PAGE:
# Factor Models: uncorrelated errors don't impact covariances of assets

This question stems from time series factor models (e.g., CAPM, Fama-French, etc.), but is a broader idea.

I am trying to comprehend how adding noise to a time series (e.g., error/residual from a regression) doesn't change the covariance between two assets.

For example, let's take two assets that are perfectly correlated with one another. If I add some random noise to each of those two assets (in which the random noise is uncorrelated to the assets and the other random noise), the properties of covariance would say that has no impact on the covariance of the assets, but that just doesn't seem correct.

What am I missing? Is there a more intuitive way of thinking about this?

As it relates to factor models, this essentially shows up in the fact that the asset covariance matrix only receives an addition of the error term variance along the diagonal. As an equation, this shows up in the last term of the following two-factor model:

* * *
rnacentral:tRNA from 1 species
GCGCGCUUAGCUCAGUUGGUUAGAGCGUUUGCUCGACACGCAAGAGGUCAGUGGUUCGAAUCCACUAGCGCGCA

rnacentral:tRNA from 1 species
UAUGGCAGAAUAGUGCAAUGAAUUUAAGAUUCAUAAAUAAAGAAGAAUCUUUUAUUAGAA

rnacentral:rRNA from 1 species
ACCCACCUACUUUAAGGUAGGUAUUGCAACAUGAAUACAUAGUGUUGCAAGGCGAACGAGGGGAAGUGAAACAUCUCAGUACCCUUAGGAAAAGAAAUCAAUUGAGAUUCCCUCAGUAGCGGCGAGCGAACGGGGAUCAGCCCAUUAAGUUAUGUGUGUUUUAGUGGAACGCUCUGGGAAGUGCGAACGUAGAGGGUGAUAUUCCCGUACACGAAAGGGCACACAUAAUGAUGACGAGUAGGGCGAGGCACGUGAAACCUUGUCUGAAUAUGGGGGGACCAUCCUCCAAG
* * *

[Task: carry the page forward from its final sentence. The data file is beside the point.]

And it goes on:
\begin{eqnarray} \text{Cov}(r_i,r_j) & = & b_{i,1} b_{j,1} \text{Cov}(f_1,f_1) + b_{i,1} b_{j,2} \text{Cov}(f_1,f_2) + b_{i,2} b_{j,1} \text{Cov}(f_2,f_1)\\ & & + b_{i,2} b_{j,2} \text{Cov}(f_2,f_2) + \text{Cov}(e_i,e_j) \end{eqnarray}

Where $\text{Cov}(e_i,e_j) = 0$ unless $i=j$, in which case $\text{Cov}(e_i,e_i) = \text{Var}(e_i)$.